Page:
Church of Christ (Holiness) U.S.A.

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Church of Christ (Holiness) U.S.A.
Classification Protestant
Orientation Holiness
Polity Episcopal
Region United States
Founder Charles Price Jones
Origin 1896
Jackson, Mississippi
Separations Church of God in Christ (separated 1907), Associated Church of Christ Holiness (separated 1947) Church of God, Holiness (based in Atlanta, GA - 1922)

The Church of Christ (Holiness) U.S.A. is a Holiness body of Christians headquartered in Jackson, Mississippi. In 2010, there were 14,000 members in 154 churches.[1]

History[edit]

The Church of Christ (Holiness) U.S.A. shares a common early history with the Church of God in Christ. Charles Price Jones, a Missionary Baptist preacher in Alabama and later Mississippi, accepted the doctrine of Holiness around 1896. During this time C.P. Jones became associated with W. S. Pleasant, J. A. Jeter, Charles Harrison Mason, along with other Holiness leaders. In 1897, C.P. Jones conducted a Holiness convention from June 6-15 at the church he pastored, Mt. Helm Baptist Church, in Jackson, Mississippi. In 1898, the name Mt. Helm Baptist Church was changed to Church of Christ. This new group of Holiness leaders was expelled from the Jackson Baptist Association. From that expulsion, they adopted the name Christ Association of Mississippi of Baptized Believers in Christ in 1900, and the national Holiness movement accepted the name by C. H. Mason—Church of God in Christ—in 1906. In that same year, an annual convocation selected J. A. Jeter, C. H. Mason, and D. J. Young to investigate the Azusa Street Revival conducted by William J. Seymour. C.H. Mason and D. J. Young accepted William Seymour's teaching concerning the baptism of the Holy Spirit and returned with such doctrinal message with great enthusiasm. After an extended discussion on the issue of the baptism of the Holy Spirit, at the 1907 convention, a right hand of fellowship, a separation occurred, with C. H. Mason, D. J. Young and others leading a Holiness, Pentecostal group. C. P. Jones retained its Holiness emphasis when other early African-American leaders such as C. H. Mason embraced Pentecostalism.

The name Church of God in Christ was widely held by both groups until 1907, when Bishop C. H. Mason had the name COGIC, incorporated. Churches of the Holiness division began to use the name Church of Christ Holiness, and in October 1920 was chartered in the state of Mississippi as the Church of Christ (Holiness) U.S.A..

Theology[edit]

The Church of Christ (Holiness) U.S.A. is trinitarian with a Holiness emphasis. Water baptism of believers by immersion and the Lord's supper as a memorial are held to be ordinances of the church. Foot washing is also practiced, but it is not regarded as an ordinance. The church does not reject speaking in tongues (glossolalia). The church emphasizes that the Holy Spirit is an indispensable gift to every believer, but places no emphasis on an initial evidence as speaking in tongues to be the results of such gift.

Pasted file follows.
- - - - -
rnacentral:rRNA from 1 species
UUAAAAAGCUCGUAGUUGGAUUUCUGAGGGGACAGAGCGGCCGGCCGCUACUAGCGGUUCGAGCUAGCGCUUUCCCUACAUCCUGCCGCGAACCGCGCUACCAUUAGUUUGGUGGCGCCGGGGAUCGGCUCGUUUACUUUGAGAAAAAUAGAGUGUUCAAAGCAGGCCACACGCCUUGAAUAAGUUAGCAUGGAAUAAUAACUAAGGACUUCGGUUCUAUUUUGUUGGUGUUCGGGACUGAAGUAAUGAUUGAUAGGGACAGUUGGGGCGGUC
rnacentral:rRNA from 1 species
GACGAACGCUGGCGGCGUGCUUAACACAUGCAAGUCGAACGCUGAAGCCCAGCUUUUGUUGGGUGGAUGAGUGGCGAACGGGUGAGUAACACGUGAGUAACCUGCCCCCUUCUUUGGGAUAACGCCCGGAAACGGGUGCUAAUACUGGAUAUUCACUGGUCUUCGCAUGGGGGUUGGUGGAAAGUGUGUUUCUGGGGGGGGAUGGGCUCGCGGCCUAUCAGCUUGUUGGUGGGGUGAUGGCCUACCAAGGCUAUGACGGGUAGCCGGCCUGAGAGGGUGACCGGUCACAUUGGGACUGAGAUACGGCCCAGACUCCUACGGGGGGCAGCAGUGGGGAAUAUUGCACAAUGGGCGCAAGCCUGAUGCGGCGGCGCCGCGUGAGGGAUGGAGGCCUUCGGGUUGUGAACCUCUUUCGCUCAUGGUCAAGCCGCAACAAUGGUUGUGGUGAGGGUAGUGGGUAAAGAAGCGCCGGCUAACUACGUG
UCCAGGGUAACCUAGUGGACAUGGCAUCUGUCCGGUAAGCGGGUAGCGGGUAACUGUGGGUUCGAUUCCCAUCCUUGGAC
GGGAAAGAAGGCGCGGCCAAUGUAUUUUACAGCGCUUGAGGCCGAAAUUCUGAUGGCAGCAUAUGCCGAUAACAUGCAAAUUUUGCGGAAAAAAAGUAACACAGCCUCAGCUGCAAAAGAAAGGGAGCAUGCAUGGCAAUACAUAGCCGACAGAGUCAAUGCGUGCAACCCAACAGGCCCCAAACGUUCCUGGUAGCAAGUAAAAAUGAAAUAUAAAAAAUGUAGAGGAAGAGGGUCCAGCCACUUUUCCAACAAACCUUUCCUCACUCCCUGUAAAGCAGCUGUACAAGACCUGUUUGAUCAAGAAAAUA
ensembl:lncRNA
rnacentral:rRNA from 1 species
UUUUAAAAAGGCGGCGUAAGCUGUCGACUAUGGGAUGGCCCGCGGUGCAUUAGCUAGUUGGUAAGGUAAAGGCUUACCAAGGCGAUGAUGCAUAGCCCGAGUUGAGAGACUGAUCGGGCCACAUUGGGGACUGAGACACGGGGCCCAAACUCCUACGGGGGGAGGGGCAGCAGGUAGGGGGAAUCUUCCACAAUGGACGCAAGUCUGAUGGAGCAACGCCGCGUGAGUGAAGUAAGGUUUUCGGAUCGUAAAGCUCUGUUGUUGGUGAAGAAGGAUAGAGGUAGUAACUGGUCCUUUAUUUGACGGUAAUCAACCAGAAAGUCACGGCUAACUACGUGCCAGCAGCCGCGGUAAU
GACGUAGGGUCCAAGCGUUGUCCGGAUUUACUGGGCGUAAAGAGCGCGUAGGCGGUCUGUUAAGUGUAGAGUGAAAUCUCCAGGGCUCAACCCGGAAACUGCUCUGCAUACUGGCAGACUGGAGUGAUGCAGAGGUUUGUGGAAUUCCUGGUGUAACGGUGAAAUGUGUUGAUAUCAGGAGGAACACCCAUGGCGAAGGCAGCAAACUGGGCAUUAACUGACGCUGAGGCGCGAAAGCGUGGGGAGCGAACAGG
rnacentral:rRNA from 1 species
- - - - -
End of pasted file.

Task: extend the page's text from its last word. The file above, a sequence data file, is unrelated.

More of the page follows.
Core Values[edit]

  • WORSHIP

We are committed to being a community of worshippers who, led by the Holy Spirit, glorifies God, magnifies His son and edifies His people as every member celebrates in our worship service.

  • HOLINESS

We are committed to a life of holiness, which must be the focus of each member. We will strive to obey all of God's commandments, apply the principles of Jesus' teachings, and follow the leading and guiding of the Holy Spirit in our daily lives.

  • EVANGELISM

We are committed to evangelism that is conducted with a compassionate vigor as we inspire and equip our members to be witnesses for Christ by seeking the lost and unchurched.

  • ACCOUNTABILITY

We are committed to accountability and to pursuing excellence in our administration through skillful stewardship of our talents, time, facilities, finances, and all resources entrusted to us by God and His people, at every level of the church.

  • TRAINING

We are committed to training ministers and lay persons to be skilled in leadership and the work of the church, through training that is biblically based, contemporary in its application and aimed at realizing the vision of our church.[citation needed]

Leadership[edit]

The church is episcopal in structure with a Senior Bishop as the highest official and spiritual leader. The church in the United States is divided into eight dioceses - Eastern, North Central, Northern, Pacific North West, South Central, South Eastern, South Western, and Western. In 2008 the Church of Christ (Holiness) had 15,000 members in 167 congregations in the United States, the Dominican Republic and Africa.

Board of Bishops

  • Bishop Maurice Bingham – Senior Bishop Emeritus
  • Bishop Emery Lindsay – Senior Bishop and Presiding Bishop of the Western Diocese
  • Bishop Vernon Kennebrew – National President and Presiding Bishop of the Southwestern Diocese.
  • Bishop Lindsay E. Jones – First Vice President and Presiding Bishop of the North Central Diocese
  • Bishop Joseph Campbell – Second Vice President and Presiding Bishop of the South Central Diocese
  • Bishop Dale Cudjoe - Northern Diocese
  • Bishop Maurice Nicholson – Eastern Diocese and South Eastern Diocese
  • Bishop Robert Winn – Pacific North West Diocese
  • Bishop Victor Smith - Retired
  • Bishop James Mitchell - Retired
  • Bishop C. B. Jordan - Honorary
  • Bishop Carl Austin - Retired

Its annual "National Convention" is held during the month of July. The church will celebrate its 115th convention in Chicago, Illinois in 2011.

External links[edit]

References[edit]

  1. ^ "2008 Yearbook of American & Canadian Churches". The National Council of Churches. Retrieved 2009-12-03. 
  • Handbook of Denominations in the United States, by Frank S. Mead, Samuel S. Hill, and Craig D. Atwood